VN: You had that bad crash at the Santos Tour Down Under in January to start 2015. Have you completely recovered from that?
LC: Yes, I have fully recovered, but it took a lot longer than I expected. I didn’t realize how much those miles in January and February count until they got taken away from me. It took me until July until I was really going well again. It was a rough start to the year, but I bounced back as well as I could and I was able to get a solid season in me.
VN: After two seasons in the pro ranks, you’ve ridden to set up sprinters and help the GC leaders. What kind of rider do you see yourself becoming?
LC: I’d love to progress into a stage racer. The next step is to get more results. I will be there to help the team when I can and when they need me, but I hope to start to target the one-week stage races and focus on them. I want to try to get some results the next few years and if that’s successful, start to focus on the grand tours. I am 24, so I’ve got some more time ahead of me.
VN: Did Cannondale offer you the chance to take the leadership role in some of those races?
LC: Cannondale is a unique opportunity where I could target some of these other races. There are some good guys ahead of me who’ve been successful in grand tours, and I can learn from them and get that opportunity to try to make the next step. In this sport, there is no hiding. If you put the work in, you can progress as far as you want to go. I realized that when I crashed. You can sit on the couch, or you can buckle down. It’s a big challenge, but I am motivated to take that next step.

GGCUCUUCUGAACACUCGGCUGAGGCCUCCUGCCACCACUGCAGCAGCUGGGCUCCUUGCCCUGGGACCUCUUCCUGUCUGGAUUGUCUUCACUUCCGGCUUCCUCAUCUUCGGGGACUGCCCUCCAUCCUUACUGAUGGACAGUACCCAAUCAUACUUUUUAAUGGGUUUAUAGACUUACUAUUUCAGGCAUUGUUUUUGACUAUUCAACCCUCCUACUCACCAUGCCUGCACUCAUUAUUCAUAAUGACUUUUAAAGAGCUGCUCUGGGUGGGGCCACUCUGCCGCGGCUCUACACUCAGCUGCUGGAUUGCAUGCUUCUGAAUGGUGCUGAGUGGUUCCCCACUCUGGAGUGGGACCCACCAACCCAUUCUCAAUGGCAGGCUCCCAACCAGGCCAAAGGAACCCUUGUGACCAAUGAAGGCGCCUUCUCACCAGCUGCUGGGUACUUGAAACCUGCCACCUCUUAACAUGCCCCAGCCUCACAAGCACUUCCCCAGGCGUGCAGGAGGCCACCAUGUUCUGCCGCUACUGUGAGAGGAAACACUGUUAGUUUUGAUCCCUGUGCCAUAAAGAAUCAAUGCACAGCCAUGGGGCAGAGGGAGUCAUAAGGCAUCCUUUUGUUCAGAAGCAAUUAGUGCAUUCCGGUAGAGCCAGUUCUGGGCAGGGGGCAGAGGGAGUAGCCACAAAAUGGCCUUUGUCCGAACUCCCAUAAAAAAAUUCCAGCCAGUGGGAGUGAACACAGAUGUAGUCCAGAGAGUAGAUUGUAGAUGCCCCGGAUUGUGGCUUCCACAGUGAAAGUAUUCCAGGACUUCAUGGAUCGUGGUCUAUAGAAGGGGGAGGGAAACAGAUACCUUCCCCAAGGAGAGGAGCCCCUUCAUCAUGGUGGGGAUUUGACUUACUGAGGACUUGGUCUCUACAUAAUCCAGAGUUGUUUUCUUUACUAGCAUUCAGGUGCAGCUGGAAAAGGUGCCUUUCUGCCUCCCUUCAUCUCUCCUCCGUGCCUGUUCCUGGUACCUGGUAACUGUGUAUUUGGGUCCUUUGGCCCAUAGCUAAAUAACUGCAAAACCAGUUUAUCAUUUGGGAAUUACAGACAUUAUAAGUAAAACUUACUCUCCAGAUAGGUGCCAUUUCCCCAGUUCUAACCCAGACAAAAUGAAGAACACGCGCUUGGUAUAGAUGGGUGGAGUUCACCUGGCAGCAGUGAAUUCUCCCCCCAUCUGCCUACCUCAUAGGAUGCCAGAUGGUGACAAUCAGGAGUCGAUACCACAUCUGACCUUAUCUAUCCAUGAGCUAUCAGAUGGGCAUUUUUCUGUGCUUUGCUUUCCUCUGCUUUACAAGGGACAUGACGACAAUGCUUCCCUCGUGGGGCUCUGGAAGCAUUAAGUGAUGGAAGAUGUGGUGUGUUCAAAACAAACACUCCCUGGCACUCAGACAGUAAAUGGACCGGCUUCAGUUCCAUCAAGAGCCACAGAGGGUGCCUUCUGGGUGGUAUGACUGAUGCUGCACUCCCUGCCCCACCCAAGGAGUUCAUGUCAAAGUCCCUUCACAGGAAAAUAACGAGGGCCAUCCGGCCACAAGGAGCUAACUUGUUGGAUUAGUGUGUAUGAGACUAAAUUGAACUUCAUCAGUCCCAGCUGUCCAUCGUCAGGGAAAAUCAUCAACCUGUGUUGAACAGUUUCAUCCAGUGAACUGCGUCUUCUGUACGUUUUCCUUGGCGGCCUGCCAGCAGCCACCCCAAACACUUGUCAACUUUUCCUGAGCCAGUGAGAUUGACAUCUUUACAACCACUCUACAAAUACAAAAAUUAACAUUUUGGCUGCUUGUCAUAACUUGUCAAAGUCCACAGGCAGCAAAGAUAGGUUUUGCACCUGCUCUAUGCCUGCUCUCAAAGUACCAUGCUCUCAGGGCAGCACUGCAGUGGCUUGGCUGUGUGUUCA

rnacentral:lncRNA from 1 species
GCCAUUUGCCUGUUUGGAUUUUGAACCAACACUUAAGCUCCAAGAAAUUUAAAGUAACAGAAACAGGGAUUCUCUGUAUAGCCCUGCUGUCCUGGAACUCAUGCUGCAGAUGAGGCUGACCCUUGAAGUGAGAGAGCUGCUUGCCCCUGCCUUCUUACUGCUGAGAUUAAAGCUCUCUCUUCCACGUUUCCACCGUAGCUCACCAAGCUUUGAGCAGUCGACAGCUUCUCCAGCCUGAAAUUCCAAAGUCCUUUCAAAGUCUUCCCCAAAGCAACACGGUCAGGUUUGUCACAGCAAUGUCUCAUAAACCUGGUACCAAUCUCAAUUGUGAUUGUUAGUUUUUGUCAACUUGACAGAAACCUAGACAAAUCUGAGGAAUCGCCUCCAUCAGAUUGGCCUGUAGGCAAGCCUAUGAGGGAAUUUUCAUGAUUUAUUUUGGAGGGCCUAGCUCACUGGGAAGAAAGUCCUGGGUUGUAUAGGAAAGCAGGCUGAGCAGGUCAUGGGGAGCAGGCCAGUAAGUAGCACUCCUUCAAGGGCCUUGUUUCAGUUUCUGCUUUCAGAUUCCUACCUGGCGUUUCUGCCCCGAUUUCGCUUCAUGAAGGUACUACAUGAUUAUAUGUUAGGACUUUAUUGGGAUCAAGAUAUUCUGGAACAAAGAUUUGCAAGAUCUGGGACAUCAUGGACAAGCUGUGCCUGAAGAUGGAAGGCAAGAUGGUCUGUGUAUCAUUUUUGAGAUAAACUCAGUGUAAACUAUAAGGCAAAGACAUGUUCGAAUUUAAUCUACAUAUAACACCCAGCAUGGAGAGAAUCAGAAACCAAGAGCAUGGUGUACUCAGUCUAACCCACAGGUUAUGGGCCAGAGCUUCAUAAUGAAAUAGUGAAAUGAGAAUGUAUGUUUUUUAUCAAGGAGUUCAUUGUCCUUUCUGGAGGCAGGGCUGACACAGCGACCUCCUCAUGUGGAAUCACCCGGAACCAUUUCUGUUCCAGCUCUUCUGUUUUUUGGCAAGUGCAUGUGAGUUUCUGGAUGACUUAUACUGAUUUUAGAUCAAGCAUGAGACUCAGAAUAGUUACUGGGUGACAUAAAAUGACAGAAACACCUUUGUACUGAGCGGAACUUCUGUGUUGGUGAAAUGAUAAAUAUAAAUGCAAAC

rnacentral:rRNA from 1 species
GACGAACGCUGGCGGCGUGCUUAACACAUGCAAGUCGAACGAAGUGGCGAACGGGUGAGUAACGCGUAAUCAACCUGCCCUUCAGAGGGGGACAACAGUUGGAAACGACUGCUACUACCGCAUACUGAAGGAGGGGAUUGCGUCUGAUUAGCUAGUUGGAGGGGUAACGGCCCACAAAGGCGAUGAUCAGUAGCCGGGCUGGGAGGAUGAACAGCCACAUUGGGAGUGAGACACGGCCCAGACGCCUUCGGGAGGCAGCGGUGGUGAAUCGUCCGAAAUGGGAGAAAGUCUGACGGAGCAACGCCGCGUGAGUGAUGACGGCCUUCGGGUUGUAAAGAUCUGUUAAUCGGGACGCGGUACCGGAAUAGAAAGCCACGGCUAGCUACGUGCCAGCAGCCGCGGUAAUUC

VN: How is the 2016 calendar shaping up?
LC: I will start at the Tour de San Luis and then head to Europe. I will race at Haut Var and the Provence Tour, and then some week-long WorldTour stage races like Paris-Nice and the Vuelta al Pais Vasco (Tour of the Basque Country). I have a pretty good schedule for the first half of the season. California is on the schedule, and it’s always fun to head back to race on home roads. I love racing in America, and Cali was the race that got me on the map. I’d love to have some success there.
VN: Any chance of starting the Tour de France this year?
LC: I’d love to do another grand tour this year. We’ll see which one it is. I’ve dreamed of racing the Tour ever since I started riding the bike. If I put the work in and I can show I am riding well, I really hope to have a shot at it. The team’s had a really great off-season in terms of transfers, and we’ve got a really strong and solid team, so by no means will it be easy to line up in July.